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Folktales and Myths of Riang and Tripuri Communities - A Study of Their Cultural Profile (An Old and Rare Book)

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Item Code: NAS009
Author: Tushar K. Niyogi
Publisher: Anthropological Survey of India, Kolkata
Language: English
Edition: 1983
Pages: 218
Other Details 8.50 X 5.50 inch
Weight 500 gm
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Book Description
About the Book
The Riang and the Tripuri Communities constitute an important section of the tribal population in Tripura. These people follow a ritual tradition of animistic beliefs, and practise jhum cultivation on the hilly slopes, The jhum field is the centre of their manual and ritual activities, and the treasury of their verbal art their tales, myths, legends, etc., has been enriched by the illuminating experience of the jhum.

This book highlights the expressive behaviour, both at the level of verbal art and non- verbal rituals, of the two communities of Tripura. The ëtextí of the verbal lore is to be read along with the ëcontextí that primarily deals with manís subsistence system related to the ecological setting and spiritual system based upon the religious setting. The people, basically Jhumias, live a hard life at the sweat of their brow and enjoy the sweet juke of their sober wishes, that get reflected in their aesthetic heritage of culture.

This book will be useful to the academic community in general and the researchers in folklore, anthropology and literature in particular. People interested to understand the folk life of Tripura at an intimate level, with also find a food for thought in this endeavour.


The past few decades have seen an ever increasing interest in the field of folklore study in India. Scholars from various disciplines including freelance amateurs, have been busy in all parts of the country listening to the story-tellers and observing the ritual functions and other aspects of socio-cultural activities not only from the surface level but also pouring their minds deep into the inner characters of these mass-owned properties. Any critical researcher will observe that this newly emerging field of disciplineóëfolkloristicsíóhas already built up a nice warehouse of enormous mass of material which will serve the future workers in this field as a ready-reckoner for their investigation.

The Anthropological Survey of India, a Government of India research organisation of unique character and one of the biggest multi- disciplinary set ups of its kind has been, for a long time, initiating its research personnel with proper scope and facilities to work in this field with the obvious objective of incorporating the data and result of such investigation in the broader field of understanding human society as a whole. Thus a large amount of material of folk literature as well as folk culture was collected from different regions of India through the earnest endeavour of scholars like Dr. Verrier Elwin, Dr. Ashutosh Bhattacharyya, Shri Bhabananda Mukherjee, Dr. (Miss) K. Gnanambal and many others whose contributions to the development of folklore studies will always be acknowledged with esteem and admiration.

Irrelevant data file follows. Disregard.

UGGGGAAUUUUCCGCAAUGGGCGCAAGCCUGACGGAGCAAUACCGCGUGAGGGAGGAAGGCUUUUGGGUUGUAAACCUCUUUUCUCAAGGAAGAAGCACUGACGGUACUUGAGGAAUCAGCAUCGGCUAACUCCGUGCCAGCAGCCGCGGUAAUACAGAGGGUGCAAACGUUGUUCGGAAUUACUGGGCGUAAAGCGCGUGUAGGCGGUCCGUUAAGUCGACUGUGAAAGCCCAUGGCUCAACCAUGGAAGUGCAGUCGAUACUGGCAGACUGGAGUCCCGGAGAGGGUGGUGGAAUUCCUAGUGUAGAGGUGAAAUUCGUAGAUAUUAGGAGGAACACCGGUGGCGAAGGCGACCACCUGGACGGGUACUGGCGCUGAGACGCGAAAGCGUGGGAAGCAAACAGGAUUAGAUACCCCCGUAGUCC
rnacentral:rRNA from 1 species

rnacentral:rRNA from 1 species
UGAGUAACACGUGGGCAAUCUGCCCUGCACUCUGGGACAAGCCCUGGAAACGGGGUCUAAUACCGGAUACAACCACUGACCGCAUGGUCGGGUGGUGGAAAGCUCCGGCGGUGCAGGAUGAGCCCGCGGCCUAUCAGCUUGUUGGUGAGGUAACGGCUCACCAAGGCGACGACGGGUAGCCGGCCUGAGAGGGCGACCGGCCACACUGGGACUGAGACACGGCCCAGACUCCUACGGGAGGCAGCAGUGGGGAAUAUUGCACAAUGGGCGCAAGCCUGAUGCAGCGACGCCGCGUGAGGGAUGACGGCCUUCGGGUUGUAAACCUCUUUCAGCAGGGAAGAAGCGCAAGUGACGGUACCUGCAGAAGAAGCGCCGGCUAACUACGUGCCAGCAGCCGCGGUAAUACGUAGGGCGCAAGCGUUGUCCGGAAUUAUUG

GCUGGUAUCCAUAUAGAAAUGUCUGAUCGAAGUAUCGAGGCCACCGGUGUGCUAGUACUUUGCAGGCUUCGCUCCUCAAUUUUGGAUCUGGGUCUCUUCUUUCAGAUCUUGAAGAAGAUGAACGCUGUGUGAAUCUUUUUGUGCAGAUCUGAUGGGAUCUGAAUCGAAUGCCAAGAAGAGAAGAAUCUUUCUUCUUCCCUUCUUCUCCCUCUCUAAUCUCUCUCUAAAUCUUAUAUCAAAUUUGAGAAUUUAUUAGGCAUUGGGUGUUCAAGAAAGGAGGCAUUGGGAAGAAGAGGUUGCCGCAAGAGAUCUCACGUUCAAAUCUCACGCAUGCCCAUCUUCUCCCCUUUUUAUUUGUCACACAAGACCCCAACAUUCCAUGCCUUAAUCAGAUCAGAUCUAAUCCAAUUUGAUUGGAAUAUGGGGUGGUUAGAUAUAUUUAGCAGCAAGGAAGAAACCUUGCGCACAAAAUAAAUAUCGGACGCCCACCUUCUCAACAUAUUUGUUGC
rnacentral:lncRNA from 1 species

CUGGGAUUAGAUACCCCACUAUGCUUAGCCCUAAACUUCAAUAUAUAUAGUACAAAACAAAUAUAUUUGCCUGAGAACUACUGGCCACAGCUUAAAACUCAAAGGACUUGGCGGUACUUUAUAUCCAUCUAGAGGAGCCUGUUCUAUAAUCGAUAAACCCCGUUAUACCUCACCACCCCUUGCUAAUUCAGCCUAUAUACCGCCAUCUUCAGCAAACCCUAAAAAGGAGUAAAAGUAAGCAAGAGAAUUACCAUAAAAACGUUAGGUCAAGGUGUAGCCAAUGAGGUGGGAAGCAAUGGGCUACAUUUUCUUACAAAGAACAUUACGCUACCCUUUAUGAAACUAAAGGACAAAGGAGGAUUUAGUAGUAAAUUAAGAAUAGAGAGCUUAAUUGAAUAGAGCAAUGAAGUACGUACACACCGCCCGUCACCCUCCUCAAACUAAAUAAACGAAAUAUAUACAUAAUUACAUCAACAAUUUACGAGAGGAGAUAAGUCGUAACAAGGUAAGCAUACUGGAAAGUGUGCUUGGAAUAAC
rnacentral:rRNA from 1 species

In the recent past, during the Fourth Five-Year Plan period this Survey took up a project of folklore field study in the two separate zones of Indiaóone in Bastar District of Madhya Pradesh and the other in North District of Tripura. I was vested with the duties of covering the North Tripura folk communities, viz., Riang, Noatia and Puratan Tripura. During my ten weeksí stay in the first quarter of 1973 among the said people of that locality, I had occasion to collect a sizable amount of folklore data with a special reference to folktales and myths.

Through the pages my aim has been to catch the tune of life of the non-literate folks who, living in the sequesteríd hilly mounds, far from the madding crowdís ignoble strife, enjoy a life of hard work in the jhum and beguile their leisures in the myth-making. Rituals also keep them active and alert all through their material and aesthetic activities. Ina sense, this aesthetic dimension of their expressive actionótheir folktales, myths, legends, fables, etc..ópresents the true profile of their culture.

As convention goes, every preface ends with thanks giving. Let me follow the tradition by expressing my gratitude to Dr. N. C. Chowdhury, the then Deputy Director of the Survey, who formulated the entire project of study and served as a never failing source of information and inspiration and who enlightened me in every respect with his teacherly advice and friendly criticism. Dr. S.C. Sinha, the ex-Director of this Survey, did his best to kindly go through my preliminary report and whenever I approached him, he enthused me with his thought provoking querries and ideas about my work. I have a special sense of indebtedness to Dr Ashutosh Bhattacharyya, the eminent folklorist of international repute who had initiated me in this discipline and who for his many kindness extended whole-hearted help to me in solving some of the problems raised in my mind while I was engaged in preparing the framework of the report. The nebulae of my concepts was illuminated and enriched by the discussions which I had time and again with my colleagues and friends in the Survey in general and with Dr. Sree Krishan, Shri Dipankar Dasgupta, Shri Sudhir C Panchbhai and Shri Bhabananda Mukherjee in particular. Last but not the least, thanks are also due to Dr A. K. Danda, Joint Director of this Survey, who took special interest in the publication of this report, and to Shri Manomohan Das, Shri Dilip Kumar Ghosh, Shri Swapan Ranjan Barua and Shri R. C, Bhattacharyya for providing with all possible help in publishing the book,

**Contents and Sample Pages**

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